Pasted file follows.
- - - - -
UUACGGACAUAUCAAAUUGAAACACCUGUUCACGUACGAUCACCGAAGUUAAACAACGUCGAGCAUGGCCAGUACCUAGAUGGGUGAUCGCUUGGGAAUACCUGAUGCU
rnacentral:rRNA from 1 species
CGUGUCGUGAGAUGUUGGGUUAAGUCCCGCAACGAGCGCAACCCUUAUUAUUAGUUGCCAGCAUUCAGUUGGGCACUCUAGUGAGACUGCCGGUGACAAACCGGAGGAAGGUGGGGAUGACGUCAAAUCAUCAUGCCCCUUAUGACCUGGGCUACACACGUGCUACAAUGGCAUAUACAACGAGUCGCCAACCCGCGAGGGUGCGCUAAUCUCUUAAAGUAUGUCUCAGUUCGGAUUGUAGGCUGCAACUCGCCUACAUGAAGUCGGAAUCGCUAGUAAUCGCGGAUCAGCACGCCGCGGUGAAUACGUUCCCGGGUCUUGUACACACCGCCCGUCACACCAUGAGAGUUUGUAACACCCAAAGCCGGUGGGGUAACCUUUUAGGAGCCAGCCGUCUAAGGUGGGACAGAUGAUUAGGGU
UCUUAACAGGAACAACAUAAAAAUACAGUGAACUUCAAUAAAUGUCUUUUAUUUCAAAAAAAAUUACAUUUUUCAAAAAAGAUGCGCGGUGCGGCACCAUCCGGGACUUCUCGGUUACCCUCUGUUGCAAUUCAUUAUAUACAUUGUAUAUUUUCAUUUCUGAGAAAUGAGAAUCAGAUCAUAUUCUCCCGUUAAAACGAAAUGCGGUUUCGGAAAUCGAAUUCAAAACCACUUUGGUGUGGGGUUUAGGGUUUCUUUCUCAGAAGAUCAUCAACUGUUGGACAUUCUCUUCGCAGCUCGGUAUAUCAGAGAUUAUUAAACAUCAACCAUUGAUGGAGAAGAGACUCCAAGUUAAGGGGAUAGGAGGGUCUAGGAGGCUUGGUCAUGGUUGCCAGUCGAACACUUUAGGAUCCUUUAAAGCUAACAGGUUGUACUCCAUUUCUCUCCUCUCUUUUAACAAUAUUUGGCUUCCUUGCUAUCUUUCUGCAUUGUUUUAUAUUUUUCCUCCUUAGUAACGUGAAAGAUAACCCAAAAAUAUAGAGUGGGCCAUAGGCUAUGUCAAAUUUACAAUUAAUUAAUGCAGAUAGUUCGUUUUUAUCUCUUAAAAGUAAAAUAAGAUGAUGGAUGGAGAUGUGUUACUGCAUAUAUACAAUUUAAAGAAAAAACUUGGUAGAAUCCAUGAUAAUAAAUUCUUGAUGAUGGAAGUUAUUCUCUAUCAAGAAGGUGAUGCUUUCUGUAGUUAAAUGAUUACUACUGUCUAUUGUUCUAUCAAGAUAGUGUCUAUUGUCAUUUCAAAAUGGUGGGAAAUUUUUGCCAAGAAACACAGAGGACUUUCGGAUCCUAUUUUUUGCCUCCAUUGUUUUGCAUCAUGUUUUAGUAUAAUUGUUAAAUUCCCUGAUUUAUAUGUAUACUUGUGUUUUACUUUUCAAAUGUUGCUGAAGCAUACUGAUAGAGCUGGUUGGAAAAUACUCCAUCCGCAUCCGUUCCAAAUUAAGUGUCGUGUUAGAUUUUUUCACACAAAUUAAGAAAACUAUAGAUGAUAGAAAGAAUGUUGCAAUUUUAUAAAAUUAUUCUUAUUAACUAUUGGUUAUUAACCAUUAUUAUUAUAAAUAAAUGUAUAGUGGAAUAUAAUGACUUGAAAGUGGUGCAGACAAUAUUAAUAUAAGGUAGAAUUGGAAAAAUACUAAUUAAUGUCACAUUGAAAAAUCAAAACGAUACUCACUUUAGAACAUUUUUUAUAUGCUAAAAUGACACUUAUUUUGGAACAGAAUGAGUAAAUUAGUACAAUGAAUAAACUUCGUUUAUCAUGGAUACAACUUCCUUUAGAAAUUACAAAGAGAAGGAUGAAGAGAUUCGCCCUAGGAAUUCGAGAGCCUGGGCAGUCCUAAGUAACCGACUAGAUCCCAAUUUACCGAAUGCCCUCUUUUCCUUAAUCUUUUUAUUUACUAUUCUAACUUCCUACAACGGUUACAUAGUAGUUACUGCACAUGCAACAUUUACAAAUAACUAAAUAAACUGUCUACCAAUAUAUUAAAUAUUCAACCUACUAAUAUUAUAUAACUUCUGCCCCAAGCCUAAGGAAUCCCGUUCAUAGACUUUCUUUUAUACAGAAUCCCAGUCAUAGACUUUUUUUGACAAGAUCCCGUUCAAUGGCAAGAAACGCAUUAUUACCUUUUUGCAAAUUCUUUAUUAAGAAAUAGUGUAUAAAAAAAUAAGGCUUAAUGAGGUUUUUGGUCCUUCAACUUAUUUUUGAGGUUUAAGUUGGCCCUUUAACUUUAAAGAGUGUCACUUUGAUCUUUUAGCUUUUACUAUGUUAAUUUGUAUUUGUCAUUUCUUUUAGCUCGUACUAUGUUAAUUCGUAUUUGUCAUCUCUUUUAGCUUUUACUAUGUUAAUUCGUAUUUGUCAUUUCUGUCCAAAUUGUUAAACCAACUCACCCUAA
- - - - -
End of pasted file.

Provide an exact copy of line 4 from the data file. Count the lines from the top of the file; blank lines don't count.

UCUUAACAGGAACAACAUAAAAAUACAGUGAACUUCAAUAAAUGUCUUUUAUUUCAAAAAAAAUUACAUUUUUCAAAAAAGAUGCGCGGUGCGGCACCAUCCGGGACUUCUCGGUUACCCUCUGUUGCAAUUCAUUAUAUACAUUGUAUAUUUUCAUUUCUGAGAAAUGAGAAUCAGAUCAUAUUCUCCCGUUAAAACGAAAUGCGGUUUCGGAAAUCGAAUUCAAAACCACUUUGGUGUGGGGUUUAGGGUUUCUUUCUCAGAAGAUCAUCAACUGUUGGACAUUCUCUUCGCAGCUCGGUAUAUCAGAGAUUAUUAAACAUCAACCAUUGAUGGAGAAGAGACUCCAAGUUAAGGGGAUAGGAGGGUCUAGGAGGCUUGGUCAUGGUUGCCAGUCGAACACUUUAGGAUCCUUUAAAGCUAACAGGUUGUACUCCAUUUCUCUCCUCUCUUUUAACAAUAUUUGGCUUCCUUGCUAUCUUUCUGCAUUGUUUUAUAUUUUUCCUCCUUAGUAACGUGAAAGAUAACCCAAAAAUAUAGAGUGGGCCAUAGGCUAUGUCAAAUUUACAAUUAAUUAAUGCAGAUAGUUCGUUUUUAUCUCUUAAAAGUAAAAUAAGAUGAUGGAUGGAGAUGUGUUACUGCAUAUAUACAAUUUAAAGAAAAAACUUGGUAGAAUCCAUGAUAAUAAAUUCUUGAUGAUGGAAGUUAUUCUCUAUCAAGAAGGUGAUGCUUUCUGUAGUUAAAUGAUUACUACUGUCUAUUGUUCUAUCAAGAUAGUGUCUAUUGUCAUUUCAAAAUGGUGGGAAAUUUUUGCCAAGAAACACAGAGGACUUUCGGAUCCUAUUUUUUGCCUCCAUUGUUUUGCAUCAUGUUUUAGUAUAAUUGUUAAAUUCCCUGAUUUAUAUGUAUACUUGUGUUUUACUUUUCAAAUGUUGCUGAAGCAUACUGAUAGAGCUGGUUGGAAAAUACUCCAUCCGCAUCCGUUCCAAAUUAAGUGUCGUGUUAGAUUUUUUCACACAAAUUAAGAAAACUAUAGAUGAUAGAAAGAAUGUUGCAAUUUUAUAAAAUUAUUCUUAUUAACUAUUGGUUAUUAACCAUUAUUAUUAUAAAUAAAUGUAUAGUGGAAUAUAAUGACUUGAAAGUGGUGCAGACAAUAUUAAUAUAAGGUAGAAUUGGAAAAAUACUAAUUAAUGUCACAUUGAAAAAUCAAAACGAUACUCACUUUAGAACAUUUUUUAUAUGCUAAAAUGACACUUAUUUUGGAACAGAAUGAGUAAAUUAGUACAAUGAAUAAACUUCGUUUAUCAUGGAUACAACUUCCUUUAGAAAUUACAAAGAGAAGGAUGAAGAGAUUCGCCCUAGGAAUUCGAGAGCCUGGGCAGUCCUAAGUAACCGACUAGAUCCCAAUUUACCGAAUGCCCUCUUUUCCUUAAUCUUUUUAUUUACUAUUCUAACUUCCUACAACGGUUACAUAGUAGUUACUGCACAUGCAACAUUUACAAAUAACUAAAUAAACUGUCUACCAAUAUAUUAAAUAUUCAACCUACUAAUAUUAUAUAACUUCUGCCCCAAGCCUAAGGAAUCCCGUUCAUAGACUUUCUUUUAUACAGAAUCCCAGUCAUAGACUUUUUUUGACAAGAUCCCGUUCAAUGGCAAGAAACGCAUUAUUACCUUUUUGCAAAUUCUUUAUUAAGAAAUAGUGUAUAAAAAAAUAAGGCUUAAUGAGGUUUUUGGUCCUUCAACUUAUUUUUGAGGUUUAAGUUGGCCCUUUAACUUUAAAGAGUGUCACUUUGAUCUUUUAGCUUUUACUAUGUUAAUUUGUAUUUGUCAUUUCUUUUAGCUCGUACUAUGUUAAUUCGUAUUUGUCAUCUCUUUUAGCUUUUACUAUGUUAAUUCGUAUUUGUCAUUUCUGUCCAAAUUGUUAAACCAACUCACCCUAA